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Author Topic: Advice on Forno Bravo Bella Grande32  (Read 326 times)

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Offline livinjosh

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Advice on Forno Bravo Bella Grande32
« on: August 26, 2021, 09:03:04 AM »
Good Morning All,

I love making Neapolitan-style pizzas and only have experience in making them in Weber with a kettle pizza kit.

After reading so many reviews here, I was ready to pull the trigger on FGM 950B from Breadstoneoven. I even visited them in Dallas and spoke to Antonie multiple times. The issue is with the local contractor, who seems unreliable, and I couldn't find anyone who has experience building one here in Austin, TX. Meanwhile, I found this 4-month-old FornoBravo Bella Grande32 for sale for a reasonable price. I was trying to find how they are performed with no success. Is Bella Grande32 any good?

TIA,
Kiran

Offline billg

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Re: Advice on Forno Bravo Bella Grande32
« Reply #1 on: August 26, 2021, 10:18:04 AM »
They are very similar in performance to any stainless steel oven.  Some have better build quality than others but for the most part perform the same.  It will be difficult to bake at Neapolitan temperatures because the floor or deck is too conductive.  Their sweet spot for the deck is about 750-775f which will give you 1.5 to 2 minute bake without charring the bottoms.  All the stainless steel ovens will drop in temp once the door is removed, more than an oven like FGM or refractory brick oven like Zio Ciro, so oven management will be your best friend. This is not to say you can't cook great pizza in them.  If you prefer a little more crisp, then it's a non issue.  If you want to make Ny style pies its a non issue.  If your heart is set on Traditional Neapolitan pizza cooked in 60 seconds or less, you will have to remove pizza from the deck and dome the pizza.  Another alternative is to replace the oven floor with Saputo firebrick or the like.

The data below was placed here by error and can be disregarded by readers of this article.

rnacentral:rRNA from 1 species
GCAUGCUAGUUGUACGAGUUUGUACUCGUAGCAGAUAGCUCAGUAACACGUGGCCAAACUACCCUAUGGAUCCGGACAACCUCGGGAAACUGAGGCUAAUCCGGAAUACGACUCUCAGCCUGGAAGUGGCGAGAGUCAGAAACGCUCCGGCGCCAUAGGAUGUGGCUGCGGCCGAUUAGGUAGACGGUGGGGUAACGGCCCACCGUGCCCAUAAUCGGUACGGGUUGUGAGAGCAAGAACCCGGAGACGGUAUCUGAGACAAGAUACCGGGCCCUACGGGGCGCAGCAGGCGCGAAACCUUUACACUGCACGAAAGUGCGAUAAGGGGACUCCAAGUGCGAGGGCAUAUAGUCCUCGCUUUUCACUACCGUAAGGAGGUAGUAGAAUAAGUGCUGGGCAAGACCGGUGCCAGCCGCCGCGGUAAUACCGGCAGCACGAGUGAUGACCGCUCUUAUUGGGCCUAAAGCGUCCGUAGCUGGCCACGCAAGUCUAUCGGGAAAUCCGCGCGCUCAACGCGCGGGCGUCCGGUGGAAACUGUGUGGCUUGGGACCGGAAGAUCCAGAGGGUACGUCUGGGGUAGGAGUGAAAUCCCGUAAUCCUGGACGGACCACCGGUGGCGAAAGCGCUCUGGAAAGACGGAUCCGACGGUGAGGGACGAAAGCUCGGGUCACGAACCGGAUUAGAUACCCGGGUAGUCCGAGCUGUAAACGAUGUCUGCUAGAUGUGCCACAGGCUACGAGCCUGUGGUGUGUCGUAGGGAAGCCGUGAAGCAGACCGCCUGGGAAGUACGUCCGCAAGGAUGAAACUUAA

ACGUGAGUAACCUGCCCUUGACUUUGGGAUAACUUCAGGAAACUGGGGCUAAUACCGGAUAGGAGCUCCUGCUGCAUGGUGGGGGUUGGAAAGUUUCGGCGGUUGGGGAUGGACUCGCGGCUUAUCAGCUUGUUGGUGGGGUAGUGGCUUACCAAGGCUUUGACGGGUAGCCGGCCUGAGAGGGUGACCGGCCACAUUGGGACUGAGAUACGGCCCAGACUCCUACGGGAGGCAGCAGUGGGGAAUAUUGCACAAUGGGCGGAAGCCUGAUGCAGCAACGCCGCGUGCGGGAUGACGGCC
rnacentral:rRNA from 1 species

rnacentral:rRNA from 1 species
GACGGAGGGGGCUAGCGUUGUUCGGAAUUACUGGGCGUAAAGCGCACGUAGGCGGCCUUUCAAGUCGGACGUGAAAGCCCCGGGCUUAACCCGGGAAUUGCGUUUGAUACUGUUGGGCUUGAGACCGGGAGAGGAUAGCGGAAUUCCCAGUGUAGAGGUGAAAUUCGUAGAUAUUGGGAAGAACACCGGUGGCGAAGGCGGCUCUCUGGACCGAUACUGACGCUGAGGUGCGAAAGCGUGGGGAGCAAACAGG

Offline tipostrambo

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Re: Advice on Forno Bravo Bella Grande32
« Reply #2 on: August 31, 2021, 02:40:10 PM »
Kiran, I'm in Austin too and vacillating between the Bella Medio28 and the Forno Vene(t)zia Torino. I'd read one negative review of the red Bellas turning pink after a couple years, and I don't like that the chimney has to be unscrewed from the base, making it more challenging to keep it effectively covered and hopefully avoid the fading. That was my only obstacle after extensive research. I know from a good amount of experience with smaller, cordierite-floor ovens that outstanding Neapolitan results are definitely possible with that setup. Like any tool, you just have to learn its strengths and idiosyncrasies.

I'm currently leaning toward the Torino. LMK what you end up getting and maybe we can compare in person.

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